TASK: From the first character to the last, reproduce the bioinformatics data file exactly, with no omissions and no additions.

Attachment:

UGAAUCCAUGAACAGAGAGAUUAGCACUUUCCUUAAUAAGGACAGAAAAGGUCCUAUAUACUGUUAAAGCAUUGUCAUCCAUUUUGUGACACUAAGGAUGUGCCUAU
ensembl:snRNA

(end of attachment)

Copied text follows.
UGAAUCCAUGAACAGAGAGAUUAGCACUUUCCUUAAUAAGGACAGAAAAGGUCCUAUAUACUGUUAAAGCAUUGUCAUCCAUUUUGUGACACUAAGGAUGUGCCUAU
ensembl:snRNA